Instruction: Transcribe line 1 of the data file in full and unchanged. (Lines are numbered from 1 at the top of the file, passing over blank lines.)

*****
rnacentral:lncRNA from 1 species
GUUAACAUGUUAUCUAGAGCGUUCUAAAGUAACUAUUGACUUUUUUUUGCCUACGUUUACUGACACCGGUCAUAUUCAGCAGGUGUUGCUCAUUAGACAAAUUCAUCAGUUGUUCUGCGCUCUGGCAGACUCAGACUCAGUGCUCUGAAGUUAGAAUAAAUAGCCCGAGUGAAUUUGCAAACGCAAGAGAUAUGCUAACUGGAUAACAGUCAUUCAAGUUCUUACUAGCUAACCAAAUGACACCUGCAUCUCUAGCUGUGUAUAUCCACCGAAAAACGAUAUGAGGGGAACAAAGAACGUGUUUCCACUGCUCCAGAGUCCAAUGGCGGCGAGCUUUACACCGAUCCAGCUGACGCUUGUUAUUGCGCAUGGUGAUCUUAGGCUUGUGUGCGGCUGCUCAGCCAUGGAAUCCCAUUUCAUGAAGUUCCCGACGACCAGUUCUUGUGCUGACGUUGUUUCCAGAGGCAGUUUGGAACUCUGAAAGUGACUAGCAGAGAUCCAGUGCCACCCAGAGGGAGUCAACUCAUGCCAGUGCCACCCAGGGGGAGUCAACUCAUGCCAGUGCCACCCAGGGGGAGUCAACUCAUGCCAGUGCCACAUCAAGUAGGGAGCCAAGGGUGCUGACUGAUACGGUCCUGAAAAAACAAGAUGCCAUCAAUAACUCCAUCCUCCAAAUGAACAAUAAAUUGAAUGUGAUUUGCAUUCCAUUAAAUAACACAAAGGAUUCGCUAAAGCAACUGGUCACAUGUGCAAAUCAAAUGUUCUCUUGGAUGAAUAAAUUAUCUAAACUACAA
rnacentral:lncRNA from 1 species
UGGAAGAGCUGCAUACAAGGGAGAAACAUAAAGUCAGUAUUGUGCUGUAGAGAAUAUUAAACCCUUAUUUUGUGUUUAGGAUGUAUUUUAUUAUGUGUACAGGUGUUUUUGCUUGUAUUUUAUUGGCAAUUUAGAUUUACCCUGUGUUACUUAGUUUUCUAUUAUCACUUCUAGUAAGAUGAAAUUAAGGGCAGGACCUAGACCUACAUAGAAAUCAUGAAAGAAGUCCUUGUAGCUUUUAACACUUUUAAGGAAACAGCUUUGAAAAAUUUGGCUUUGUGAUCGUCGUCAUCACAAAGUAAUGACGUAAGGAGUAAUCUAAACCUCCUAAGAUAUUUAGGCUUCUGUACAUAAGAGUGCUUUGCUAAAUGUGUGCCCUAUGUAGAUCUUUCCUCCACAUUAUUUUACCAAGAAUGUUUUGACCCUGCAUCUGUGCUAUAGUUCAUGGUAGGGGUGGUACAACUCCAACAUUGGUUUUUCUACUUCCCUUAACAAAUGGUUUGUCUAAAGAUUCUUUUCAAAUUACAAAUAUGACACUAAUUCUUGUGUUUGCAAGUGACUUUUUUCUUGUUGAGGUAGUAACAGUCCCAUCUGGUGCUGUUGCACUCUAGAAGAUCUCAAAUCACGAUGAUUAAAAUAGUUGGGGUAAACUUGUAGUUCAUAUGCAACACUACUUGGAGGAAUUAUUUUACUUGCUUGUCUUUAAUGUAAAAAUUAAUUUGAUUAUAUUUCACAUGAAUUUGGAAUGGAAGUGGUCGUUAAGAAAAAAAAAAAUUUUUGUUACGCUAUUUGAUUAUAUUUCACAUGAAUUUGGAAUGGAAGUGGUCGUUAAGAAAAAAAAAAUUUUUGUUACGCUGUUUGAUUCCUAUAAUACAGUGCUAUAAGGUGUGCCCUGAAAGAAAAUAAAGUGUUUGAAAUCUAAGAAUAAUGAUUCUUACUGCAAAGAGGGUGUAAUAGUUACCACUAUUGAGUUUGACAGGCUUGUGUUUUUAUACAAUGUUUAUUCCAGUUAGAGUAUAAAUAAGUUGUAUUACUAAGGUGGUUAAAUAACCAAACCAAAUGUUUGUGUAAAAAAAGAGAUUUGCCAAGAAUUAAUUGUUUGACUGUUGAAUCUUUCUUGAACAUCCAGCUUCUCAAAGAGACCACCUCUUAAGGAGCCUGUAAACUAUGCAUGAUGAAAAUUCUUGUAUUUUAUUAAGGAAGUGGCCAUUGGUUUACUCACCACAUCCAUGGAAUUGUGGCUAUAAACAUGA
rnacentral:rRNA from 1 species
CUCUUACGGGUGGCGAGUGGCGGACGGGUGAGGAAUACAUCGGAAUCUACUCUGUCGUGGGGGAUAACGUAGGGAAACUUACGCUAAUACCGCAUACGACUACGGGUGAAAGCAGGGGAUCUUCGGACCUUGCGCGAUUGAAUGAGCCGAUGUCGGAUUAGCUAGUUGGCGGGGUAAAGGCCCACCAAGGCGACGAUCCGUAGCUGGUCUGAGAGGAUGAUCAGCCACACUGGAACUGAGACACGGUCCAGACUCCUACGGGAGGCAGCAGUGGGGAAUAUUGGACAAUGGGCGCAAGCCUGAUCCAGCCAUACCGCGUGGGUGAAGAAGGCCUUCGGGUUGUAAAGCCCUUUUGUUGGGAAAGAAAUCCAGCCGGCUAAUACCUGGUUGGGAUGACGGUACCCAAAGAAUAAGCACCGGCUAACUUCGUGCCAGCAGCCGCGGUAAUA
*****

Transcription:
rnacentral:lncRNA from 1 species